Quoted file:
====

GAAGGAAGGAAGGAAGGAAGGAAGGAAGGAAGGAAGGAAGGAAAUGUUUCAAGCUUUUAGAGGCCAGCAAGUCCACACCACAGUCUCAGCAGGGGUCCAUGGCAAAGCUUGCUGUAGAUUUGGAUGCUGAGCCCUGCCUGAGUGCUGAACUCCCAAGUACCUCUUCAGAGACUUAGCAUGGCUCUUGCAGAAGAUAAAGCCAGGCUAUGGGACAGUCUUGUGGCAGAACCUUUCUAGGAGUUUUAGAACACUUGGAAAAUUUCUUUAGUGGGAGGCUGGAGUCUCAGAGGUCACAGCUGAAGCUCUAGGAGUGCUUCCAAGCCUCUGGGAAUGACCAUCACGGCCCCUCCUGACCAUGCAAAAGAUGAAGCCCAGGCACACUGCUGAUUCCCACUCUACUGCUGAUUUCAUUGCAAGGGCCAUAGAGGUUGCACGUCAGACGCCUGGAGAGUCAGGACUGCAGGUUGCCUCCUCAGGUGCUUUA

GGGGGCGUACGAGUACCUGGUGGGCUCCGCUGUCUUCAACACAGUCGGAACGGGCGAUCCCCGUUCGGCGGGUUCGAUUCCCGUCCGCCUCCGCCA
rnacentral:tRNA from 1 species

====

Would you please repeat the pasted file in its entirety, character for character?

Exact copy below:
GAAGGAAGGAAGGAAGGAAGGAAGGAAGGAAGGAAGGAAGGAAAUGUUUCAAGCUUUUAGAGGCCAGCAAGUCCACACCACAGUCUCAGCAGGGGUCCAUGGCAAAGCUUGCUGUAGAUUUGGAUGCUGAGCCCUGCCUGAGUGCUGAACUCCCAAGUACCUCUUCAGAGACUUAGCAUGGCUCUUGCAGAAGAUAAAGCCAGGCUAUGGGACAGUCUUGUGGCAGAACCUUUCUAGGAGUUUUAGAACACUUGGAAAAUUUCUUUAGUGGGAGGCUGGAGUCUCAGAGGUCACAGCUGAAGCUCUAGGAGUGCUUCCAAGCCUCUGGGAAUGACCAUCACGGCCCCUCCUGACCAUGCAAAAGAUGAAGCCCAGGCACACUGCUGAUUCCCACUCUACUGCUGAUUUCAUUGCAAGGGCCAUAGAGGUUGCACGUCAGACGCCUGGAGAGUCAGGACUGCAGGUUGCCUCCUCAGGUGCUUUA

GGGGGCGUACGAGUACCUGGUGGGCUCCGCUGUCUUCAACACAGUCGGAACGGGCGAUCCCCGUUCGGCGGGUUCGAUUCCCGUCCGCCUCCGCCA
rnacentral:tRNA from 1 species